G: Wow. I mean, kudos to them. But that’s not something I see myself being a part of.

J: I don’t see that, for me, in the future.

G: Good for them.

J: I’m not one to judge. Did I play Jackbox game and get really fucking drunk on Zoom? Yeah, that happened.

G: But you pick your lane and you stay in it.

J: I don’t know if you had the Zoom parties of drinking with your friends while on Zoom back in the day. Do you remember the first time you got really drunk with friends on Zoom, closed the laptop and then you’re like, “I’m just alone and drunk in my living room.”

G: Years ago, we used to do Google Hangouts Live and then I’d get drunk. They proved to be real problematic real quick.

J: Yeah, because you are ultimately drinking alone.

G: You’re drinking alone, and then by the time you’re done, you’re like, “Oh, I’m way too drunk by myself.” I’m in my safe space technically, but I don’t feel safe right now.

J: Totally. Is going out something you ever enjoyed? I know you started out in New York and then moved to L.A. What was that kind of trajectory for you?

G: I was always super shy and introverted growing up. When I got into improv comedy in New York at the People’s Improv Theater — which closed down during the pandemic — that’s when going out became just so inherent in my life. It’s a community that you become part of. You perform once a week and then everyone goes to the bar afterwards, or the theater has a bar in it that everyone moves to. So you have these Wednesday nights that you know are your “tie-one-on” nights. That laced into the culture of everything. Also living in New York, it was just so easy to go out. The sh*tty apartment that you lived in wasn’t a dream to go home to. That’s when I started doing YouTube stuff. I worked from home all day long, and to go out at night and do shows and then go out after, was the release from being alone in my brain cage all day. Moving to Los Angeles was a bit of a culture shock. Everything’s much more spread out. You realize that if you don’t live in the proximity of your friends, you don’t hang out with those people.

J: They’re not your friends.

G: They become acquaintances and you will like each other’s Instagrams every now and then. It was a much more regular routine of going out in Los Angeles pre-pandemic, and I liked it. Once I was in the rhythm of it. Now, like I said, I’m trying to figure it out again. We just went to San Francisco for Thanksgiving. It was really fun and we went out to a couple different bars and things like that. I realized that I’m older in knowing my capacity. I go out and then sometimes, I need a nap. I also have that thing where I am a little socially anxious. I get overly excited when I’m having conversations with people that I don’t space out my energy level. I go from zero to 60, and I either have to be brought down or I need to go home. I’m getting back into it now. In my life, I have become close friends with people like Mamrie Hart, who are much more extroverted. I admire her ability and desire to go out so naturally all the time. I like having that as a close friend, that helps push me a little bit past my boundaries in a good way.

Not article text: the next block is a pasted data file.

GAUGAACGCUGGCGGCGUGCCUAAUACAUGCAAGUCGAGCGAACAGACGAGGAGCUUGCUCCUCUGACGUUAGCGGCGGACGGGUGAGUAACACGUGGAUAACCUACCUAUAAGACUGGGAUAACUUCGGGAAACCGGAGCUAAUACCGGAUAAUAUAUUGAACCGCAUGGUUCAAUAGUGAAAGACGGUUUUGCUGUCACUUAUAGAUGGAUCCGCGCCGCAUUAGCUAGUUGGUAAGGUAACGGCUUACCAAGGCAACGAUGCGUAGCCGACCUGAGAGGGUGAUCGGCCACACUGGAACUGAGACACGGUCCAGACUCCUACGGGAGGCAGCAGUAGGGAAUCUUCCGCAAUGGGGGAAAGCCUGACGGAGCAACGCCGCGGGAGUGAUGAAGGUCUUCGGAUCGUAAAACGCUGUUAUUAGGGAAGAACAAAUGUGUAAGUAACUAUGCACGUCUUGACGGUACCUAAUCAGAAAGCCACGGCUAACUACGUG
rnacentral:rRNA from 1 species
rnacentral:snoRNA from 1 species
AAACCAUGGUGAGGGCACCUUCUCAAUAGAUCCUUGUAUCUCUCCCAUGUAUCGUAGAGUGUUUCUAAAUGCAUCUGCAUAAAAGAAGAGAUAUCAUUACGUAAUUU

J: Totally. It’s interesting to talk to you about that. My boyfriend and my best friend who are both introverts, I would say. I’m the Mamrie of the situation where I’m definitely like, “We could go out tonight or tomorrow night.” I’m always down, and I need to be pulled back a little bit and they need to be pushed a little bit. It’s always about toeing that line of who needs to be pushed and who needs to be pulled tonight.

G: I’m sure that you felt the same way that she does about how you’re kind of making up for lost time of being out and socializing and having adventures and that sort of thing.

J: I am. But at the same, I think that part of what drove me to go out when I was younger was FOMO, especially living in New York. I’m sure it’s similar in L.A., but you can constantly feel there’s always something happening and I’m missing out if I’m not out. What’s the point of staying home? With age comes that thing of, there will also be something tomorrow.

G: It’s hard to rationalize that when you’re like, but I can see on people’s stories that they’re out.

J: I know, it’s hard.

G: The craziest thing is when I lived in New York, Instagram had just started. There wasn’t even the ability to check in on where everyone was. You just had to text and meet up with people at bars and find out who was there when you got there. You had to kind of gamble on the FOMO rather than seeing it firsthand.